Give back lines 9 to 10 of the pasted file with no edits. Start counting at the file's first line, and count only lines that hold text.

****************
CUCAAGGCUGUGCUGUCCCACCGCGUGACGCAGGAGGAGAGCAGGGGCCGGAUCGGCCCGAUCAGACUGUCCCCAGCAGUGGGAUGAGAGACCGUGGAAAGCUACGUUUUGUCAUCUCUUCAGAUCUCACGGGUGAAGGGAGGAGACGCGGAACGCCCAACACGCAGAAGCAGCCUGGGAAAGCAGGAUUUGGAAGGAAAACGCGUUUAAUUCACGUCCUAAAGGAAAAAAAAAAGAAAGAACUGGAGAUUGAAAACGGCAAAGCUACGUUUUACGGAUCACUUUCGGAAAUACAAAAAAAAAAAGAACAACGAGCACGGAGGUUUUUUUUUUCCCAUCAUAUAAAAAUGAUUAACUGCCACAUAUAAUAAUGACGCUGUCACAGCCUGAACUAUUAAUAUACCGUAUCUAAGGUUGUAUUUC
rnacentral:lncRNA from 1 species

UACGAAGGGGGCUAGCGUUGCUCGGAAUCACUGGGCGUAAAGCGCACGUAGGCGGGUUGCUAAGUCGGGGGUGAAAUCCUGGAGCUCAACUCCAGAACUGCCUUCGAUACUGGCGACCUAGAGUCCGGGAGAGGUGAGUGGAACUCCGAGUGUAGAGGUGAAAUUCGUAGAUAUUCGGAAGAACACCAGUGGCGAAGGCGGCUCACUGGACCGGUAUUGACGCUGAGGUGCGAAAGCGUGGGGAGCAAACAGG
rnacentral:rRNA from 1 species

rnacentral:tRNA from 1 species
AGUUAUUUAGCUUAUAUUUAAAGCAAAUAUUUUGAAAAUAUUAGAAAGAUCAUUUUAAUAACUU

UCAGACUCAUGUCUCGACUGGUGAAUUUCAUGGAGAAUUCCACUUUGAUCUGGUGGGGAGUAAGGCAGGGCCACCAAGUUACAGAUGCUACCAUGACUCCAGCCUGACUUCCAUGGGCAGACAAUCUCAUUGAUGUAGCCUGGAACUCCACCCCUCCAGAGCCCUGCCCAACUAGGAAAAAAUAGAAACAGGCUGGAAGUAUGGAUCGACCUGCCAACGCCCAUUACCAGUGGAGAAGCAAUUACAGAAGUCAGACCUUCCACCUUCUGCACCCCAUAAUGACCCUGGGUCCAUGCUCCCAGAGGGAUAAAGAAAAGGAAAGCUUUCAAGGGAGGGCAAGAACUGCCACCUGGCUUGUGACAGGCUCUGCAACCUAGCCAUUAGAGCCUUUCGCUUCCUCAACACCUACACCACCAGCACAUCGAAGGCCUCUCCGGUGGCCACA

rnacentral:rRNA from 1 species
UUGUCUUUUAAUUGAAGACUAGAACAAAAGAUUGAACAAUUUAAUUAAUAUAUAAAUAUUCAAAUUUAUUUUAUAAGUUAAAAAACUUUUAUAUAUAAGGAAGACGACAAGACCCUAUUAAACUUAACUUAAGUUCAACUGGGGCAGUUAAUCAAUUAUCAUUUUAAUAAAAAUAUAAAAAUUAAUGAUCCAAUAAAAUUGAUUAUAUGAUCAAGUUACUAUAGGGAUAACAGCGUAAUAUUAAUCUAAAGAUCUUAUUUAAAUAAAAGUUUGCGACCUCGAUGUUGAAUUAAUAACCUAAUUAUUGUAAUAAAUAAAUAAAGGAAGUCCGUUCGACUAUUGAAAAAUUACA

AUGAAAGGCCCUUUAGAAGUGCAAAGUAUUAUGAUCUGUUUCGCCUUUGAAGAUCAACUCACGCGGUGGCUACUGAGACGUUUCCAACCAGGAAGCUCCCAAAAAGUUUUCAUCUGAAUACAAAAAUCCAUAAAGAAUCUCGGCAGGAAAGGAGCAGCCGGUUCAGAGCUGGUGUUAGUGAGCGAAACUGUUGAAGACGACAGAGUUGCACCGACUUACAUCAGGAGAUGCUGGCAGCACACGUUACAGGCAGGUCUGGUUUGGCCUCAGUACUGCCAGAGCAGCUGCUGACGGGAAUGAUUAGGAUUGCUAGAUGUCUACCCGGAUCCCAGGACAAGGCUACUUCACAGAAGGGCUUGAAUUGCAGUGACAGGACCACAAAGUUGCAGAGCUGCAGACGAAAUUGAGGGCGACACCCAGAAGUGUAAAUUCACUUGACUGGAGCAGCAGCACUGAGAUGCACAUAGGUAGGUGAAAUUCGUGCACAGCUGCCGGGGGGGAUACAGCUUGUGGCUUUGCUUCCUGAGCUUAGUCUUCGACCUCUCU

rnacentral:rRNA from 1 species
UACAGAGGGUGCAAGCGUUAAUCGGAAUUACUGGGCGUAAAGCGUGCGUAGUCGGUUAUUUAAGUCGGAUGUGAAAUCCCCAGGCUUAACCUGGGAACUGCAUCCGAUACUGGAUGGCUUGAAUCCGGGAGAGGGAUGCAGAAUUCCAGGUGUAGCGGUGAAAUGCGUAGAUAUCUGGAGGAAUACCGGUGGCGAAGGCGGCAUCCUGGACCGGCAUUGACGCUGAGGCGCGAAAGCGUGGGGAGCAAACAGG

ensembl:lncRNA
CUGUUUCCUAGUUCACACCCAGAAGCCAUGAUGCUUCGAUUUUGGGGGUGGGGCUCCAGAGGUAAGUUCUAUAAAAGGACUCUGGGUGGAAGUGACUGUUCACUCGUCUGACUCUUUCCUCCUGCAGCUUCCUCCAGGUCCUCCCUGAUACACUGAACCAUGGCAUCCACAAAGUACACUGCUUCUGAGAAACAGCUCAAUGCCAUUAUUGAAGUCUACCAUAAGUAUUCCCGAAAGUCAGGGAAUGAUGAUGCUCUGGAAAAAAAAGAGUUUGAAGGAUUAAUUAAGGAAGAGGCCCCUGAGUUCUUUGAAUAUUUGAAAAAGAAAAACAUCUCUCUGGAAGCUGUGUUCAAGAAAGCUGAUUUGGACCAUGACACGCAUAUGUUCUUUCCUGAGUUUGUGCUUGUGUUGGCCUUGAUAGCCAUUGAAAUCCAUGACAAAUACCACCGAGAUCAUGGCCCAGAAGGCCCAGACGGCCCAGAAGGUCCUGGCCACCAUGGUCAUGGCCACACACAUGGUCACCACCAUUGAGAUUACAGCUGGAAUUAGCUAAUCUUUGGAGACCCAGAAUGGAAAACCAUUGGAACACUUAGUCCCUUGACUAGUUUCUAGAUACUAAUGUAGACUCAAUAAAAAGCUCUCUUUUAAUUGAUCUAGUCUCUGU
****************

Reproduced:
UUGUCUUUUAAUUGAAGACUAGAACAAAAGAUUGAACAAUUUAAUUAAUAUAUAAAUAUUCAAAUUUAUUUUAUAAGUUAAAAAACUUUUAUAUAUAAGGAAGACGACAAGACCCUAUUAAACUUAACUUAAGUUCAACUGGGGCAGUUAAUCAAUUAUCAUUUUAAUAAAAAUAUAAAAAUUAAUGAUCCAAUAAAAUUGAUUAUAUGAUCAAGUUACUAUAGGGAUAACAGCGUAAUAUUAAUCUAAAGAUCUUAUUUAAAUAAAAGUUUGCGACCUCGAUGUUGAAUUAAUAACCUAAUUAUUGUAAUAAAUAAAUAAAGGAAGUCCGUUCGACUAUUGAAAAAUUACA

AUGAAAGGCCCUUUAGAAGUGCAAAGUAUUAUGAUCUGUUUCGCCUUUGAAGAUCAACUCACGCGGUGGCUACUGAGACGUUUCCAACCAGGAAGCUCCCAAAAAGUUUUCAUCUGAAUACAAAAAUCCAUAAAGAAUCUCGGCAGGAAAGGAGCAGCCGGUUCAGAGCUGGUGUUAGUGAGCGAAACUGUUGAAGACGACAGAGUUGCACCGACUUACAUCAGGAGAUGCUGGCAGCACACGUUACAGGCAGGUCUGGUUUGGCCUCAGUACUGCCAGAGCAGCUGCUGACGGGAAUGAUUAGGAUUGCUAGAUGUCUACCCGGAUCCCAGGACAAGGCUACUUCACAGAAGGGCUUGAAUUGCAGUGACAGGACCACAAAGUUGCAGAGCUGCAGACGAAAUUGAGGGCGACACCCAGAAGUGUAAAUUCACUUGACUGGAGCAGCAGCACUGAGAUGCACAUAGGUAGGUGAAAUUCGUGCACAGCUGCCGGGGGGGAUACAGCUUGUGGCUUUGCUUCCUGAGCUUAGUCUUCGACCUCUCU